Oil Poll

What type of engine oil do you use in your CBX?

Petroleum Based
29
46%
Synthetic
34
54%
 
Total votes : 63

Postby alimey4u2 » Sat Oct 24, 2009 5:38 pm

Personally never had a warped valve cover. As stated before, put a touch of sealer in a few spots on the cover ( including the Honda recommendations) & goffer it... Inspect the joint to make sure the gasket hasn't rolled. A mirror on a stick & a flashlight are your friends.. The protrusion should look perfectly uniform ALL around...

If such a beast exists,( warped cover that is) I see no benefit in planing as the gasket area is recessed. However. clamping it to a surface plate & applying necessary heat may normalise it to it's correct position on cooling...

Because it's difficult to keep clean underneath the tank, I have opted with a chromed cover. Some re-paint & some polish, it's up to you...

Dammitt, it looks like I've highjacked an oil thread... :lol:
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Postby Rick Pope » Sat Oct 24, 2009 7:02 pm

Normally, the cause of a leaky valve cover is that the rubber on the cover bolts gets hard and compressed. Get new washers with the new rubbers.

A trick I've heard of is to use and e-clip under the bolt head to give a little extra compression to the rubbers. I think I'd just try new washers.

The '79s used a smaller washer/rubber than the '80-'82s.
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Re: Valve Cover and manuals

Postby SteveG » Sat Oct 24, 2009 7:33 pm

George R. Garrison #0857 wrote:
Question: 1) Any body ever encounter a warped valve/cam cover?
2) If that happens, is it necessary to work it on a surface plate to true it?
3) Is this possibly why covers are hard to keep from leaking?
4) What's the prefered procedure to refurbish the outside surface of the valve cover?

Thanks for the help, George in Delaware


East Coast George -

My answers:
1) Nope.

2) See alimey4u2's answer:
If such a beast exists,( warped cover that is) I see no benefit in planing as the gasket area is recessed.


3) I don't think so. The gaskets are most likely hardened / improperly seated / no or improper use of sealing "goop" (I use HondaBond with very good results) in the correct areas. The 81-82 manual says to use the goop in the sharp angle area where the cam end caps go. I use it there (more than enough, but not so much I worry about overage squeezing out inside the valve cover where it can come off and clog tiny oil passages). I also put a light film in the groove that the gasket sits in to hold the gasket in place while I "finagle" the cover back on over the rear oil line bolt. Further, I put a light film on the rubber of the valve cover bolts before torquing them down. DO NOT OVERTORQUE THESE, as they are shouldered bolts, and will strip threads / ruin cam holders before applying more pressure on the valve cover.

4) My preferred valver cover renewal method is here (hey, rhymes with beer!!!): http://www.cbxclub.com/forum/viewtopic.php?t=4247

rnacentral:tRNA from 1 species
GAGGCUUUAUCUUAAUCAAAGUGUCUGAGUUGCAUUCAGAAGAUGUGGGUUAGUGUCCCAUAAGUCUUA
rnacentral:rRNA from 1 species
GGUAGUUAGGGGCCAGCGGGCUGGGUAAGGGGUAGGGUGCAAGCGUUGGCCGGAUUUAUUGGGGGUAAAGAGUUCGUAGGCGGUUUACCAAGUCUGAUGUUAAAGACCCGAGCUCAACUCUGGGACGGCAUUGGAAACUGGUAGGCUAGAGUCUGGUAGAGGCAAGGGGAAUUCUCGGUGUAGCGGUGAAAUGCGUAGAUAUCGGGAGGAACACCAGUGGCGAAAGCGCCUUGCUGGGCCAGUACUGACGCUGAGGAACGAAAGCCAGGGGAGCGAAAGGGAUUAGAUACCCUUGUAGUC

Before:
2847

After:
2849

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Valve cover and manuals

Postby George R. Garrison #0857 » Sat Oct 24, 2009 7:47 pm

Harvey, I ordered both the parts & maintenance manuals from HELMINC on line. Plus, I ordered a maintenance manual for my 1975 GL1000.
Total for the three manual including shipping $106.00


Rick and ye olde Web Video Director, thanks for the comments regarding the rubber washer sizes and possible finish solutions. I would never have thought the sizes would have been different of those rubber washers.

Usually with a surface plate the cover would be moved in a series of circular directions to evenly take off the high spots using a mild abrassive such as valve grind compound. But with the gasket seating in a recess cut to hold it, this would serve no real purpose. Planing and recutting the area for the gasket probably would end up with the thickness of the cover being too thin around the perimeter and making the sutuation even worse since the hardware and mountings in the center of the cover.

Just strike the previous thought from your mind, I've talked myself out of this solution possiblity.

I may just polishing the cover and try to keep it looking nice. I like natural wood and natural polished metal as well.

Later,

George in Delaware
I'm into motorcycles, wooden boats, airplanes, wood working and car restoration.
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Postby Don » Sat Oct 24, 2009 11:46 pm

I *think* the '79 and '80 valve covers are the same . . . . and the '81 and '82's used the larger studs with the bigger rubbers for the inner 4 studs. The '80 addendum says the 8 studs which hold down the valve cover are all 6mm and get torqued to 6 - 9 ft lbs . . . . just like the '79

Steve's pictures show one of the outer holes on a late model cover and they are the same as the '79/'80 ones - Just the inner 4 are larger

Rick can correct me if I'm wrong . . . . since I'm correcting him ;)

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Postby Rick Pope » Sun Oct 25, 2009 8:12 am

Don wrote:Rick can correct me if I'm wrong . . . . since I'm correcting him ;)

Don


No way. I'm just regurgitating what I think I've observed. The '80 parts bike isn't here for me to check against the '79. You may very well be correct in correcting me. :?

I'm sure the guys who really know will chime in soon.
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Postby EMS » Tue Oct 27, 2009 12:17 pm

Don wrote:I *think* the '79 and '80 valve covers are the same . . . . Don


Correct, Don. There is no -469- part-number which would describe a different valve cover for 1980. 12311-422-000, -305 and -010 are listed.
This section of the part-number usually identifies a different color or supplier, but not a technical difference.
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